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Irrivirsible
01-09-2012, 12:26 PM
Do you use lump or briquettes in your Weber Kettle?

For ceramic owners, does the kettle use way more than a ceramic?

Do the kettles burn much more in cold weather?

Are kettles less accurate holding temps

Thanks

AD18
01-09-2012, 12:38 PM
I have both and enjoy cooking on both. I use lump exclusively in my Egg and have used both briquettes and lump in my Weber kettle. I like lump for grilling on the kettle, but prefer briquettes for smoking. I like to manually arrange the briquettes for a better burn via minion method. As for temp control and burn rate in any season the Egg is really hard to beat. Once you get your temp set the air tightness and ceramics of the Egg makes temp control rock solid. However if you get your ceramic too hot it is a real pain to bring it back down. The kettle is still pretty good, but with the amount of air leakage and metal construction it takes a wee bit more tending and I have to keep a close eye on it. Wind is more of an issue with the kettle as well. Either system will serve you well.

CMALANGA
01-09-2012, 01:07 PM
I use lump in my egg and either lump or briq. in my kettles depending on what I have. Yes the egg will outperform the kettles in terms of control, operating in cold weather, etc. in a straight up comparison. That's the difference between 3/4" ceramic and thin sheet steel. Kettles have given me more capacity (I have a large BGE). That being said I have used them both in what I would consider less then desirable circumstances with some degree of success. The kettle just took a little more watching.

NU2QN
01-09-2012, 01:53 PM
I use standard Kingford in my kettle. Have you heard of a smokenator for the kettle? the Smokenator works well for controlling temperatures for a low and slow cook on the kettle. I built my own version out of sheet metal and can control my temps down to 225-250 with a waterpan. Before cooking on it though, did a long burn to fine tune the vent settings. I have to add five briquettes on each side every hour. You loose heat every time you remove the lid but it reestablishes pretty quick. The kettles are very suceptible to cold weather and wind. Hope this helps!

Midnight Smoke
01-09-2012, 02:39 PM
I have several Kettles and a couple Ceramics. Lump all the time in the Ceramics, both Lump and Briquettes in the Kettle. I usually use the left over Lump from the Egg sometimes mixed with Kingsford Briquettes in the Kettle when grilling depending on whats cooking. If I was Smoking in the Kettle I would use Briquettes.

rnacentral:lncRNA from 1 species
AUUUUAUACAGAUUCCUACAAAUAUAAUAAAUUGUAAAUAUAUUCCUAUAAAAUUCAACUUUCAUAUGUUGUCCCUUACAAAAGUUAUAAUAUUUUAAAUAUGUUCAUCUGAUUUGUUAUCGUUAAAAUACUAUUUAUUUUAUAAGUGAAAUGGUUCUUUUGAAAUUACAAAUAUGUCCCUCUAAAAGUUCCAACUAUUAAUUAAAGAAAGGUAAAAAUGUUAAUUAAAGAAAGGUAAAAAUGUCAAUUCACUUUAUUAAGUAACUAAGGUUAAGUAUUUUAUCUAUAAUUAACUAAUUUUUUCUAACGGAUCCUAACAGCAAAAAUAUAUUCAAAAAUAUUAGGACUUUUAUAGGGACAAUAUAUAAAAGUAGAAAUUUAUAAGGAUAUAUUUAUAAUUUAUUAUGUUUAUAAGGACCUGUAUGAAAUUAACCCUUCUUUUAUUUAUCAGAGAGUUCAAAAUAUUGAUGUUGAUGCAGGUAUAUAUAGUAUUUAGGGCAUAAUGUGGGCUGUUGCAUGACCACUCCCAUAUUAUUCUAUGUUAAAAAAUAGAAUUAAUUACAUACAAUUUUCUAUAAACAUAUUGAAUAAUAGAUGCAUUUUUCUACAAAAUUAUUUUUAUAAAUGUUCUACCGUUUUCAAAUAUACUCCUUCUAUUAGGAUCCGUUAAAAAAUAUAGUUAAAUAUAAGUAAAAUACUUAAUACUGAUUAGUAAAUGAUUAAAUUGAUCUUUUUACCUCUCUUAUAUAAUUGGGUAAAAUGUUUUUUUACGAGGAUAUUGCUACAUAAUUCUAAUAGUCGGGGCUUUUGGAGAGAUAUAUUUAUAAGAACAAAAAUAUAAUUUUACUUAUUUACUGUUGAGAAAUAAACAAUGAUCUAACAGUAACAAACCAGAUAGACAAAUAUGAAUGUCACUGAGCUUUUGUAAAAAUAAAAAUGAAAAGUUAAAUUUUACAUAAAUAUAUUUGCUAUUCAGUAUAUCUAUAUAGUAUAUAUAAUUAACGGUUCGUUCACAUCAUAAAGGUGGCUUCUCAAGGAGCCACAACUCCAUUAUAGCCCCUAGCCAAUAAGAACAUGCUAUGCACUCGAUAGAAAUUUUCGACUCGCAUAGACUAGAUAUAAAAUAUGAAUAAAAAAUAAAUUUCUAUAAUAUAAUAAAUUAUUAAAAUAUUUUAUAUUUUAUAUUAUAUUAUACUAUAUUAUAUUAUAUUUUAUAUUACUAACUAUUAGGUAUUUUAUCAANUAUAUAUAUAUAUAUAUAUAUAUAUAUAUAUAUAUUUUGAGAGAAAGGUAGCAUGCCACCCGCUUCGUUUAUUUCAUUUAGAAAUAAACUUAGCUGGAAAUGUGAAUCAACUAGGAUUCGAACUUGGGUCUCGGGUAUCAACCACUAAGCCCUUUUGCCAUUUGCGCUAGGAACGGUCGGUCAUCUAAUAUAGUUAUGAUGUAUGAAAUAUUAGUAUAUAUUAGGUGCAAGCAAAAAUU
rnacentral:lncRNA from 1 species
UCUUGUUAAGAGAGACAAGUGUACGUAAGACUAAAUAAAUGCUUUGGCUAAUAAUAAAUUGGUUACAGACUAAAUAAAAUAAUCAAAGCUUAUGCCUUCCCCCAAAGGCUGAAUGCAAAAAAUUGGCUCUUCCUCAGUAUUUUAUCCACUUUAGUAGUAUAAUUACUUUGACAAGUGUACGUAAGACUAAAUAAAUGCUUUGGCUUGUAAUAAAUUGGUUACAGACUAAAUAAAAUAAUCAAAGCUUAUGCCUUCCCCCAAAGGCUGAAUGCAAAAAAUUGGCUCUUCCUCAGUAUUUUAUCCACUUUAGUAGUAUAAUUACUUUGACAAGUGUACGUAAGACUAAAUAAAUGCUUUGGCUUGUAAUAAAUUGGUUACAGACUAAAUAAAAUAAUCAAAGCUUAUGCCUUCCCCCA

Hunterman95
01-10-2012, 12:10 AM
I had planned to smoke a prime rib in my kettle one day last week. I was concerned because it turned out to be very windy & cold. But the kettle performed better than my UDS on a good day. I just set it, added a handful of charcoal every hour, and it never varied more than 20 degrees the 4 hours I ran it.

bigabyte
01-10-2012, 12:53 AM
Do you use lump or briquettes in your Weber Kettle?
I switched to lump a few years back on my kettle. Mostly for higher burn temps, less ash to dispose of and that little bit of flavor they put off compared to most briquettes.

My wife recently brought home a twin pack of Kingsford because she knew I needed some charcoal.:doh: While the ash output is higher, I was surprised at the amount of heat coming off of the same amount of K-briqs that I normally use of lump. Interestingly enough, my cook times did not change much at all on the kettle for direct and offset grilling (not low and slow but grilling). I had about the same amount of coals left over between cooks, and was able to reuse the old briqs even lighting them up in my chimney with some new briqs on bottom.

What I took away from this brief experience going through a couple bags of Kingsford for kettle grilling, was that outside of the amount of ash and less of a smokey flavor, I couldn't tell much difference between it and the lump. K-briqs are cheap too, so I'm almost debating whether or not to pick up some more.

All that said however, when I recently bought charcoal, I bought lump.

For ceramic owners, does the kettle use way more than a ceramic?
I do not own a ceramic, but I know the answer is a definitive yes.

Do the kettles burn much more in cold weather?I only use my kettles for higher heat cooking, both direct grilling and non-direct roasting. Lower temp cooking happens in my WSM's. For grilling, yes, I have noticed a difference, but since I can usually finish all of my grilling or roasting needs with one, maybe two loads of charcoal, it's not much of a factor I pay a great deal of attention to.

Are kettles less accurate holding temps
Less accurate than what? I am not sure what to say. I find they are really accurate for what they are designed to do, which in my opinion is high heat cooking, either direct or indirect. I haven't actually used a thermo to read cooker temp in my kettles in years, I just put the intakes where they need to be. That to me says steady and accurate. However, if I were to try and do a low and slow smoke in one, well, I would say it is less steady and accurate than many other cookers, but that is because I do low and slow in WSM's which are basically "set it and forget it". Some folks who regularly smoke in their kettles say it is very solid, but it does require a keen eye and attention. To me, that basically means less steady and accurate on its own without you there.

Hope that helped. If you are wanting one cooker that does smoking and grilling, and can afford ceramic.....GO CERAMIC!:thumb::wink: If a ceramic is out of your budget, you will never regret owning a Weber Kettle. You may wish to get a more "set it and forget it" smoker someday though.:wink:

If you are looking for something else, just let me know.